This chapter focuses on 1 idea: social norms. And it’s incredibly powerful.
Idea 1: normal is normal
Newborns know nothing, not even language. How do they learn? They learn through imitation.
We don’t choose our earliest habits, we imitate them.
We simply do what we see. And this, the most basic form of education, continues throughout our lives.
Let’s look at the 3 groups we imitate.
We imitate the people we’re around. It happens on the small scale. Our body language reflects the people we’re speaking with at that moment.
Jim Rohn famously said, “You are the average of the five people you spend the most time with.”
Social pressure is real. Social proof is a key marketing tool. That’s why reviews and testimonials are so powerful.
Robert Cialdini lists social proof as a “weapon of influence” in his amazing book Influence and he only lists 6 of them. (Now that I think about it, I bet this is also linked to consistency – another weapon of influence from Cialdini.)
When in doubt, we default to whatever the group thinks. And when we’re not in doubt, the group’s beliefs can still override the individual’s beliefs and conclusions.
The book cites a study from the 1950s. A group is presented with an easy-to-solve problem. The answer is obvious. The trick is that only 1 person is being evaluated. The rest of the group is going to deliberately give the same wrong answer. What happens? About 75% of the individuals cave-in and change their answer from the obviously correct answer to the group’s incorrect answer.
And the larger the group, the more powerful the groupthink.
We copy the habits of the powerful and avoid the habits that make us look like a less desirable member of society. Attractive behaviors are the behaviors that “get us approval, respect, and praise.”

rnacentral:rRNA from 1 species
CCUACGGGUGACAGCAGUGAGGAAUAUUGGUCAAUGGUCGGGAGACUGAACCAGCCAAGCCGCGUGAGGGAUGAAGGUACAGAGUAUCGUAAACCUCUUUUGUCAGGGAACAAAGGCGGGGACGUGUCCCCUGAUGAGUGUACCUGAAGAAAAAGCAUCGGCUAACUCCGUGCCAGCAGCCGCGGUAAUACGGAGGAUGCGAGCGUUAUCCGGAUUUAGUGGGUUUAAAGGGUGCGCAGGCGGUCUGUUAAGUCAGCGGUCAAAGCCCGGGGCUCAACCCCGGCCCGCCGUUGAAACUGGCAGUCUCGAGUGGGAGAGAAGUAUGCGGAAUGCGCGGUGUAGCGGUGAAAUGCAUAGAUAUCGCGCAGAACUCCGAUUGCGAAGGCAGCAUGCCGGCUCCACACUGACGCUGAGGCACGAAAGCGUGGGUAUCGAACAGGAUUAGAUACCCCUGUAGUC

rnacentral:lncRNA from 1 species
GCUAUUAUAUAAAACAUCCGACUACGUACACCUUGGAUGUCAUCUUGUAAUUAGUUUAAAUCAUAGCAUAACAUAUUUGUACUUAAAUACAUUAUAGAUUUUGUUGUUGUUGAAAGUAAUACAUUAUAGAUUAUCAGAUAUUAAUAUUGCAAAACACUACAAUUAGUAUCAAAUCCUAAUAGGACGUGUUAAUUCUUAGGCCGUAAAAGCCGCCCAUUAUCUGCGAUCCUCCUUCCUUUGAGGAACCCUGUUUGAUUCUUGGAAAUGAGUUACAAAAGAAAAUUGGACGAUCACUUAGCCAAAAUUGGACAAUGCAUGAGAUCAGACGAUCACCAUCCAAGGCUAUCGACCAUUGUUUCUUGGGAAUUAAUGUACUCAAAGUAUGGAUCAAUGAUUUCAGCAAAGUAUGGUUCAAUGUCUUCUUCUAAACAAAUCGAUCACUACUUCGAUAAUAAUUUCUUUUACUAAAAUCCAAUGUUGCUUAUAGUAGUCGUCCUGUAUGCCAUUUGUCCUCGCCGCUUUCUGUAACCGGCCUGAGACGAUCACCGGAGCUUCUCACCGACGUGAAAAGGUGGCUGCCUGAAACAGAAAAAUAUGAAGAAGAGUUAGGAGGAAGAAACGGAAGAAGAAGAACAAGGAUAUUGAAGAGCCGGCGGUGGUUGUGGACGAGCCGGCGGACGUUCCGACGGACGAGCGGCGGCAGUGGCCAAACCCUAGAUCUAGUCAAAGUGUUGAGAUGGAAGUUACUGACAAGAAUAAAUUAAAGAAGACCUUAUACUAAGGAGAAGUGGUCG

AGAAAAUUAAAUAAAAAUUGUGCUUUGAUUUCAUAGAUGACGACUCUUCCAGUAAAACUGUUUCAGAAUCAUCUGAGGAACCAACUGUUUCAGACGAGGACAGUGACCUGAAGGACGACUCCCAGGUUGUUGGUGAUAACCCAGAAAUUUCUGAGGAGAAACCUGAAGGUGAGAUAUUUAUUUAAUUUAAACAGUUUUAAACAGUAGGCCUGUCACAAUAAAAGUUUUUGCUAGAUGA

I don’t think this section was explored thoroughly enough. I don’t agree with all the examples. And the conclusions feel simplistic.
Yes, we don’t want to look like “the slob of the neighborhood”. That’s a power positioning issue.
But other examples are based on favorites. “You make a recipe from your favorite baker. You borrow the storytelling strategies of your favorite writer.” Being somebody’s favorite doesn’t make them powerful or popular with the group. They’re not necessarily “high-status people”.
Maybe this should have been a 4th group. If you like something or someone you give them more attention. More attention = more influence? More impact?
And if they’re your favorite, you probably trust them. What exactly is the role of trust in this?
Or does this belong in this section because we want approval from our favorites even if only subconsciously?
Key takeaways and implementation
These are double-edged swords.
Peer pressure can make us do the wrong thing. But a group with the traits, habits, beliefs, and norms that we desire can make those things easier to develop in ourselves.
Copying a successful person’s habits could help us be more successful. But we could be copying something that’s irrelevant. Or we only absorb the visible aspects of a habit and incorrectly implement the habit rendering it ineffective or useless.
What can we do?
- Craft your social environment as carefully as you craft your work environment. It isn’t easy to train your elephant so take advantage of this opportunity.
- Be brave. If you’re zigging when everyone else is zagging, don’t assume that you’re wrong but don’t assume the group is either. Take some time. Try to find a way to evaluate your decision as objectively as possible.
- Don’t copy everyone. When you feel yourself being influenced by a powerful persona, dig deeper and ask some questions:
- Is this person truly successful?
- Is this person successful in the way I want to be successful?
- Do I truly understand what this person did/is doing to be successful?
- Am I willing to pay the same price this person paid?
James says we’re herd animals. And then he ends the paragraph with a quote saying we’re pack animals. It’s curious that we have aspects of both. I don’t know that there’s anything to do with that information. But it’s something to think about.